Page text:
Over three dozen lose homes in Lombard St fire

More than three dozen persons lost their homes in an early morning fire on Lombard Street, in the city, which destroyed two buildings and five shacks yesterday.

The fire, which began sometime before 7am, started at the bottom flat of an old wooden building at Lot 17 Lombard Street and quickly spread to the neighbouring Lot 18 structure as well as several nearby shacks. The buildings were situated opposite the Guyana National Industrial Corporation (GNIC) base on Lombard Street.

A fireman dousing the embers

Residents stated that a man who lives in the area was dismantling the upper half of the building where the fire started and it is believed that his actions led to the fire. He was arrested.

The aftermath of the fire

Fire Chief Marlon Gentle said at the scene that the fire service received a report of the fire at around 7:05 am and three units responded, including one from the Central Fire Station as well as one from West Ruimveldt. He said that by the time they arrived, the building at the centre of the compound was already gutted and operations commenced to contain the blaze.

Gentle noted that the area “is not friendly to fire-fighting,” while adding that the buildings were earmarked for demolition. The fire was brought under control after about 30 minutes, he added.

The top half of the building from which the fire originated contained three apartments. Several persons, including Tenisha Daniels, 20, Leon Daniels, 35, Mark Brooks, 28, and Towana Paul, 5, lived there. Occupying the four apartment lower flat of the building were twins Shonette and Shondell George, 22, who both lived with their husbands and two children; Alaine Jones and her three children; and Abiola Khalil and her three children.

Residents relating their experience to reporters

Jean, Shelly and Verona Melville, ages 37, 22, and 32, respectively; Shelly’s two children; Akeem Austin, 23; Tineto Farley; and Nicholas Archer lived on the top flat of the Lot 18 building. Joyce Barton, 59, and her two sons, Joseph Barton and Fitzroy Quintin, her daughter Niketa Quintin, and her two grandchildren Tamara and Sheneeza occupied the lower flat.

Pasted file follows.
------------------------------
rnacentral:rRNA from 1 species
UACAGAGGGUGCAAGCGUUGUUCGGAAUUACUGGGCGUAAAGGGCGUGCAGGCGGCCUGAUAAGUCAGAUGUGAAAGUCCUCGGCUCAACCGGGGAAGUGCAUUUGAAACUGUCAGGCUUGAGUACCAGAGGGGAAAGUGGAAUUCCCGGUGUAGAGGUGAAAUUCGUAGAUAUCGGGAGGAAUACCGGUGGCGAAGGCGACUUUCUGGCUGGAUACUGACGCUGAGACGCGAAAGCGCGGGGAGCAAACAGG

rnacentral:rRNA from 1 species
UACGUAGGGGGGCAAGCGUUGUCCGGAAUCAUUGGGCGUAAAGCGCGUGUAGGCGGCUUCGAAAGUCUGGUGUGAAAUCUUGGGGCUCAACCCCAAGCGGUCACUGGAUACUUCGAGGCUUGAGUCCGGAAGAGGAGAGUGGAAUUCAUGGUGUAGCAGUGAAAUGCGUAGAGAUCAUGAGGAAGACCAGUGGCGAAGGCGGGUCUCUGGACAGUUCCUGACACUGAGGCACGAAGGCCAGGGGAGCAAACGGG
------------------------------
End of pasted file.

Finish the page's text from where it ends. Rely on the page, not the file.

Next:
When this newspaper visited the scene, shortly after the fire began, firefighters already had the blaze under control while the fire victims converged on the streets with some of the belongings they managed to salvage.

The residents said that the man who had been dismantling the building did not live in the house he was dismantling, but in another building that was a little way from the blaze.

Two displaced lads pass the time on top of a suitcase

According to Abiola Khalil, 40, as she was leaving for work yesterday morning, “this man was breaking upstairs—the council supposed to come tomorrow to break the place so he musse want the wood—and I told him to leave the place alone.” He apparently did not pay heed to the woman’s admonitions, as he continued after she left, and it was shortly after this that residents said the fire started.

Eyewitnesses noted too that upon seeing the fire, the man attempted to douse it with water but the flames spread faster throughout the old wooden structure.

At the scene, members of the Guyana Relief Council were recording names and particulars of persons who resided in the buildings in order to assist those who were affected by the fire. The relief organisation members later assisted the residents with several, items including mattresses, clothing, and food items. They also offered residents spots at the shelter, but this offer was declined and some residents stated that they preferred to stay at the site and “build something till we get land.”

Some of the items saved from the blaze

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